After I graduated from college, I was unsure whether I wanted to be a physician. I worked as a Baltimore City educator for three years where I learned and saw first-hand how access to healthcare and nutrition affects low-income citizens, even in childhood. Seeing this daily made me realize how passionate I am about medicine and resulted in me pursuing positions in healthcare. For the last year, I have been a research coordinator and recruitment specialist at the Johns Hopkins Department of Medicine. I’ve met many different people who are trying to navigate living their lives while having Inflammatory Bowel Disease. I’ve learned so much taking on this research position.
One day at work, I was recruiting a young African-American male with Crohn’s Disease for the Inflammatory Bowel Disease (IBD) study I work on after he had a serious flare at the hospital. I noticed that he was younger than I am, a teenager. As I asked him a few questions about his disease, he informed me that dealing with his Crohn’s Disease has been a struggle since he was about nine years old. He had been misdiagnosed many times as a child, and as a result, none of the treatments many physicians recommended had worked. After he was finally diagnosed with Crohn’s Disease, he learned the hard way that he would have to change his diet and eat less of the cultural foods he grew up eating, and instead eat foods that were not culturally familiar to him. His mother also told me how difficult it was for her. Because she did not know anyone who had Crohn’s Disease, she did not know what to do, or who she could ask questions to. She explained how stressful it was to understand and try to get answers about her son’s condition. Sometimes she felt like the physicians were inaccessible because their schedules were so busy. This struck a chord for me, as some of my family members have had experiences like this in the past.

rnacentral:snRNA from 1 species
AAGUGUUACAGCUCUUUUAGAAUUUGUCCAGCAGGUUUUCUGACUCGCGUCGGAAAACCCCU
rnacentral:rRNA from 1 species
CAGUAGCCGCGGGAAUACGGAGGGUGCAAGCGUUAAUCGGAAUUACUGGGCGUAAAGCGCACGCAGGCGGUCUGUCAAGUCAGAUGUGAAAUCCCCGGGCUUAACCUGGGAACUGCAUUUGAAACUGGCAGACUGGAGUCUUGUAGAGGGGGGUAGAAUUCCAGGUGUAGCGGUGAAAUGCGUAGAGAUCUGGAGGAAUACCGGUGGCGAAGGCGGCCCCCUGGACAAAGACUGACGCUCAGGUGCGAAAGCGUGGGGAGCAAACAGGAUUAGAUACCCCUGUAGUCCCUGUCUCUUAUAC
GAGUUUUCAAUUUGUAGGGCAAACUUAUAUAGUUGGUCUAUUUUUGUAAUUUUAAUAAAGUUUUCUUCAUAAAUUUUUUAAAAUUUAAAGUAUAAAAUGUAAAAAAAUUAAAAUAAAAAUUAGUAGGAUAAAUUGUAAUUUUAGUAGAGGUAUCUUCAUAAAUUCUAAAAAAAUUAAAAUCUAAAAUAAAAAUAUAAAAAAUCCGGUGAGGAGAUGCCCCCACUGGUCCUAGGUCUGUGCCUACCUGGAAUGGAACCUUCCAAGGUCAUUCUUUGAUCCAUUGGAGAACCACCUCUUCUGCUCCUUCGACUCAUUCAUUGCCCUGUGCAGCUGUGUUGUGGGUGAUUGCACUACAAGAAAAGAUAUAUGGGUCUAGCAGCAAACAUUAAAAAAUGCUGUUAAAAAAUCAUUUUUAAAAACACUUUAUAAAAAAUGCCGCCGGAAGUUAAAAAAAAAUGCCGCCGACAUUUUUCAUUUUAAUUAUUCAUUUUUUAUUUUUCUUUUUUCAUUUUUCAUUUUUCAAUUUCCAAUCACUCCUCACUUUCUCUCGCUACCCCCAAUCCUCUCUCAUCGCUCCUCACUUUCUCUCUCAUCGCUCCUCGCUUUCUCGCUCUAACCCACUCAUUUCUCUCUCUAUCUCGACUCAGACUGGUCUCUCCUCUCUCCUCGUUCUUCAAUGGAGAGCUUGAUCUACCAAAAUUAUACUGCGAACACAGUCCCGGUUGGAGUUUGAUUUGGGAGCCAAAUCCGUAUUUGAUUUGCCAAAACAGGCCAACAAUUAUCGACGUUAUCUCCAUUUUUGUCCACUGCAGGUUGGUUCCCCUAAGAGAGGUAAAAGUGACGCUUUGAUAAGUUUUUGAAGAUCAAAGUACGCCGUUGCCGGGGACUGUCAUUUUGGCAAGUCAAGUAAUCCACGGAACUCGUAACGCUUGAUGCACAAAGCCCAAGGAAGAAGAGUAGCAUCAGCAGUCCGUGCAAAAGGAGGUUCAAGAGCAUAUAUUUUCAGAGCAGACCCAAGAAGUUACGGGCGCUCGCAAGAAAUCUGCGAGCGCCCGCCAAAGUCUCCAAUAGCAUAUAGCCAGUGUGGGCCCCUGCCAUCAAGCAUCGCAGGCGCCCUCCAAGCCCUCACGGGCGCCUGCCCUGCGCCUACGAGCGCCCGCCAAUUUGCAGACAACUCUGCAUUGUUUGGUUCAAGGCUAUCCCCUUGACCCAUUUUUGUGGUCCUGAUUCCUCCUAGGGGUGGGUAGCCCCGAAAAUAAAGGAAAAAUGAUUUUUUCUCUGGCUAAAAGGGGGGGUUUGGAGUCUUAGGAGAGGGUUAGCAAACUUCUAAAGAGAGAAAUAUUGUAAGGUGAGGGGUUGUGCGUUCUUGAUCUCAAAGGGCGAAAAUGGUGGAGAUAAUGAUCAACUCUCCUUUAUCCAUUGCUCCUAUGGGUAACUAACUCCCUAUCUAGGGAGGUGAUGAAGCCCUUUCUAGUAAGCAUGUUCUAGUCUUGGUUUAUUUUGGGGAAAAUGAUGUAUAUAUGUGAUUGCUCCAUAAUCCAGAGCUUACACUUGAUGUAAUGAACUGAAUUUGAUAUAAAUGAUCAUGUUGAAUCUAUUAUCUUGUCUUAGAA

The patient asked me what drew me to IBD research, so I spoke to him about how I really enjoy doing research projects involving health disparities. I told him how important it is to learn about disparities in healthcare to make sure that everyone in American has equal access to quality healthcare and a fulfilling life.
Conversations and interactions like the one I had with this patient and his mother solidify my reasons for wanting to become a doctor. I want to work to combat health disparities by giving patient care directly and having autonomy over diagnosing the patient’s disease. It’s important to me that I diagnose my future patients while understanding the patient’s cultural background. Being a culturally competent doctor whose patients are comfortable approaching me at any time with any questions is very important to me. I want to be aware of different traditions and customs, and provide culturally competent care, so we can be one step closer to ensuring that all Americans have positive health outcomes, no matter the race, gender, or socioeconomic status.
About Faradia Kernizan
Faradia Kernizan is a first generation Haitian-American from Queens, NY. She graduated from Johns Hopkins University in 2012, and majored in History of Science, Medicine, and Technology. In her free time, Faradia likes to run, volunteer, bake, watch movies, and hang out with friends.